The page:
NEWS

JUNE 6TH 2018

Volunteering in the East Midlands

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Cadets and Adult Volunteers from Nottinghamshire ACF outside Bluebell Wood Hospice with their donations.

Thousands of people volunteer their time for lots of different purposes whether it be for a charity, youth organisation or doing something to benefit the environment.

Being a volunteer can mean a lot of different things to a lot of different people, however, it could see you give up some of your spare time to help your community, make a positive difference to the lives of other people and have the opportunity to gain new skills such as leadership and the ability to work as a team to revitalise your CV.

Volunteer’s Week 2018 takes place between the first and seventh of June, here we hear why a selection of adult volunteers across all the Cadet Forces take time out to guide young people through their cadet journeys.

Flight Lieutenant David Berry is the Officer Commanding 198 (Hinckley) Squadron and has been a volunteer in the Air Cadets for almost eight years. He explained he was motivated to become a volunteer after spending a number of years as a cadet himself. He explained: “I spent many years in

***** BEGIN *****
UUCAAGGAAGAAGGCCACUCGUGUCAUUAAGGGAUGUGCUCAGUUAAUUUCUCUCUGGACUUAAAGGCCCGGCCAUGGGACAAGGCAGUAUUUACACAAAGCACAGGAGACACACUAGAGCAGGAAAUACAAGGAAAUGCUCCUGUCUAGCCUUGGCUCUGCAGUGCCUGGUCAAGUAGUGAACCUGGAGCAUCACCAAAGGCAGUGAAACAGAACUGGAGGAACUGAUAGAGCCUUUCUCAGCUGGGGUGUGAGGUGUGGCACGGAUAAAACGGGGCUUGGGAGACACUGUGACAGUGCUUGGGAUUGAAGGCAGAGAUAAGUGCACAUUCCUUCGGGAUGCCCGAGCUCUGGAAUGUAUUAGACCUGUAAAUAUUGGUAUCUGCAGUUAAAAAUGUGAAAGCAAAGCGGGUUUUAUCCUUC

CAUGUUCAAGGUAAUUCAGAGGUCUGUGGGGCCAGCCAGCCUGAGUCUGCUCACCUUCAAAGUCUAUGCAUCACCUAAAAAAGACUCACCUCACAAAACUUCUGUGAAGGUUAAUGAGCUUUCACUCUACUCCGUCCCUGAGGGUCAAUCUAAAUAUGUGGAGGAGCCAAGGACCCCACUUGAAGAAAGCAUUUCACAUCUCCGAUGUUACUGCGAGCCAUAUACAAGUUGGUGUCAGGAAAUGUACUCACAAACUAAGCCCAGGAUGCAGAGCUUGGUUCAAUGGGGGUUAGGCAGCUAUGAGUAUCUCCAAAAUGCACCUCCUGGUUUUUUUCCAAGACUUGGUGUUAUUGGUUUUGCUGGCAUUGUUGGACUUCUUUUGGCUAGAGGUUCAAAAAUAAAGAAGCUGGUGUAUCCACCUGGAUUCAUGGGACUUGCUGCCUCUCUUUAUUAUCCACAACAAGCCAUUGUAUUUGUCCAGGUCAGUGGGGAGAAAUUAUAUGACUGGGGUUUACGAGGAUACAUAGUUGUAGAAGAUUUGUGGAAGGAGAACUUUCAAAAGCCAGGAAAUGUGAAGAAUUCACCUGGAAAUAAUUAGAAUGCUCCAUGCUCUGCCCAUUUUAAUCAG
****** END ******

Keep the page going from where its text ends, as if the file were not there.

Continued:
Flight Lieutenant David Berry was presented with a copy of the Air Cadets history to commemorate the occasion

Flight Lieutenant David Berry with Air Commodore Dawn McCafferty during the recent opening of the Hinckley Joint Cadet Centre.

this organisation benefiting from the invaluable commitment of the organisations volunteers. I saw it most appropriate that I give back to the cadets what I was so fortunate to receive. This is the exact reason I continue to volunteer.

“The variety a cadet organisation can offer you as an adult volunteer is truly remarkable. It can develop all sorts of skills from teaching experience, to recognised leadership and management qualifications, to mountain leaders and beyond. But to be honest, all of that sounds glamorous but there is one solid reason I would recommend it: being able to take the cadets on a journey from no experience, to teaching them, to qualifying them, to enhancing their CV, to see them smile and then above all, having that one cadet say ‘thank you’ makes it all truly worth it.”